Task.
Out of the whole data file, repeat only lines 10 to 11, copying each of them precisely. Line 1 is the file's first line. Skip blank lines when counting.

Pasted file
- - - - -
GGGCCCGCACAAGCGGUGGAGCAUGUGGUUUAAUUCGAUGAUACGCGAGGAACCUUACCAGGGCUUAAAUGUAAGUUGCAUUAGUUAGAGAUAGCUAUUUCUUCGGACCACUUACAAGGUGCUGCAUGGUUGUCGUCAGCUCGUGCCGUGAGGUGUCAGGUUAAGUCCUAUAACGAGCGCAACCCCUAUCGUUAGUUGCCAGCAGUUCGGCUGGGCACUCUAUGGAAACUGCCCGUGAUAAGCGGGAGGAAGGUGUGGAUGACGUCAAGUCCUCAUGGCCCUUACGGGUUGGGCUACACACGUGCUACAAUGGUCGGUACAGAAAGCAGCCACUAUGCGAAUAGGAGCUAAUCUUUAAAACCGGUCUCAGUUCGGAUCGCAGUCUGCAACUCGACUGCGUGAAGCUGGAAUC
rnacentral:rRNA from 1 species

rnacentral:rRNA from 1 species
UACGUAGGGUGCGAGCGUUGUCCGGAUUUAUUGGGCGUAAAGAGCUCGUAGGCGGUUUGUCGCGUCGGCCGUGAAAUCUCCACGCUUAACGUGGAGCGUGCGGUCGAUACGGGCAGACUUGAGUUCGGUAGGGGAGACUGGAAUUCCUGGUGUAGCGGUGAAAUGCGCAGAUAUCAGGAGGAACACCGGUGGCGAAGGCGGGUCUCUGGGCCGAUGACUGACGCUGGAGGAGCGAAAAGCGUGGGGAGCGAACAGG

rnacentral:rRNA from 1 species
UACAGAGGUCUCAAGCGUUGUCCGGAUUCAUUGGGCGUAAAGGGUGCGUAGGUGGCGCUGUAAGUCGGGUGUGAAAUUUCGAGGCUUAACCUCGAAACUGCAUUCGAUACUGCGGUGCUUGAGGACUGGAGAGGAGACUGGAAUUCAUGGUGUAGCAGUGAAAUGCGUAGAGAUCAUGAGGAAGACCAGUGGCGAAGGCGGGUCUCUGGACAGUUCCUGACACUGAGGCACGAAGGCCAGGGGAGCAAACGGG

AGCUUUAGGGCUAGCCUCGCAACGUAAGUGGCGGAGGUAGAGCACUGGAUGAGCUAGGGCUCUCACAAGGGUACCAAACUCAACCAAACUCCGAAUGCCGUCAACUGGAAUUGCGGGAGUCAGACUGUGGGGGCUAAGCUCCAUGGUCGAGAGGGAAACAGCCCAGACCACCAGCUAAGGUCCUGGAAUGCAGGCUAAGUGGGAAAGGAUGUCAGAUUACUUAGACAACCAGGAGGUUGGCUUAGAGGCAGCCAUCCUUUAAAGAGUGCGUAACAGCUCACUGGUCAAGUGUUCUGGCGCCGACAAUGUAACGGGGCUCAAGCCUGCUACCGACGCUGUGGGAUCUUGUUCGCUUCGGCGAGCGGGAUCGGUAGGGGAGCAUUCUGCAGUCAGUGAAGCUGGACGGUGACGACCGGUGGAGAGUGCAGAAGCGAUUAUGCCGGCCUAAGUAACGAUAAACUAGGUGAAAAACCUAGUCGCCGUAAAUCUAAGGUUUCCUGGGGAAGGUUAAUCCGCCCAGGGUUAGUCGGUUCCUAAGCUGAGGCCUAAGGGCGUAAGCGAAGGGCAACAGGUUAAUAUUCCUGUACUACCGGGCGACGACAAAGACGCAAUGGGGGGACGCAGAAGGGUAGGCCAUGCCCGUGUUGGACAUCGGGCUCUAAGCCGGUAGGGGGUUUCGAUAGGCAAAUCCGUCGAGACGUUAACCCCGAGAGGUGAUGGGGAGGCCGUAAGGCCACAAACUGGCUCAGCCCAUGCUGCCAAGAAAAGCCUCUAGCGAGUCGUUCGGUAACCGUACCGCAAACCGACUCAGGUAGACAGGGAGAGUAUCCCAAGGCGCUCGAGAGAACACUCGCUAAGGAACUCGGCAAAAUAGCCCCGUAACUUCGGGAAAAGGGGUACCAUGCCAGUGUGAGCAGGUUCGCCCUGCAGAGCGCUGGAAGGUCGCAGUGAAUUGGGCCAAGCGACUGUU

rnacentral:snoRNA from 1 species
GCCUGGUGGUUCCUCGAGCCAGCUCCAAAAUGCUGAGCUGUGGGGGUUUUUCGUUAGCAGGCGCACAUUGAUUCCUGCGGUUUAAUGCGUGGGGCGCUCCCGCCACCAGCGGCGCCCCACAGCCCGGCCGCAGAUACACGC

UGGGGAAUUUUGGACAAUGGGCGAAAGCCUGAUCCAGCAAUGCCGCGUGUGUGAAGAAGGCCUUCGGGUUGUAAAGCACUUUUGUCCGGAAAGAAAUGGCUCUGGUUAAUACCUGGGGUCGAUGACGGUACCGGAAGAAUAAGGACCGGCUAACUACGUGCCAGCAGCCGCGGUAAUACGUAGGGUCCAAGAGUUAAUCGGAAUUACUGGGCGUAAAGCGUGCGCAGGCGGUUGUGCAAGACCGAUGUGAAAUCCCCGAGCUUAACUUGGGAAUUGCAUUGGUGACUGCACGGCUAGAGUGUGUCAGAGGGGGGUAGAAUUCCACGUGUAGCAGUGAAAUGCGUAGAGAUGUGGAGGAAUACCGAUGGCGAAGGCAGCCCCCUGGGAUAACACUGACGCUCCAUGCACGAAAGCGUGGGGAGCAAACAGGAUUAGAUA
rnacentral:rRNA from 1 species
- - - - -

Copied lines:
UGGGGAAUUUUGGACAAUGGGCGAAAGCCUGAUCCAGCAAUGCCGCGUGUGUGAAGAAGGCCUUCGGGUUGUAAAGCACUUUUGUCCGGAAAGAAAUGGCUCUGGUUAAUACCUGGGGUCGAUGACGGUACCGGAAGAAUAAGGACCGGCUAACUACGUGCCAGCAGCCGCGGUAAUACGUAGGGUCCAAGAGUUAAUCGGAAUUACUGGGCGUAAAGCGUGCGCAGGCGGUUGUGCAAGACCGAUGUGAAAUCCCCGAGCUUAACUUGGGAAUUGCAUUGGUGACUGCACGGCUAGAGUGUGUCAGAGGGGGGUAGAAUUCCACGUGUAGCAGUGAAAUGCGUAGAGAUGUGGAGGAAUACCGAUGGCGAAGGCAGCCCCCUGGGAUAACACUGACGCUCCAUGCACGAAAGCGUGGGGAGCAAACAGGAUUAGAUA
rnacentral:rRNA from 1 species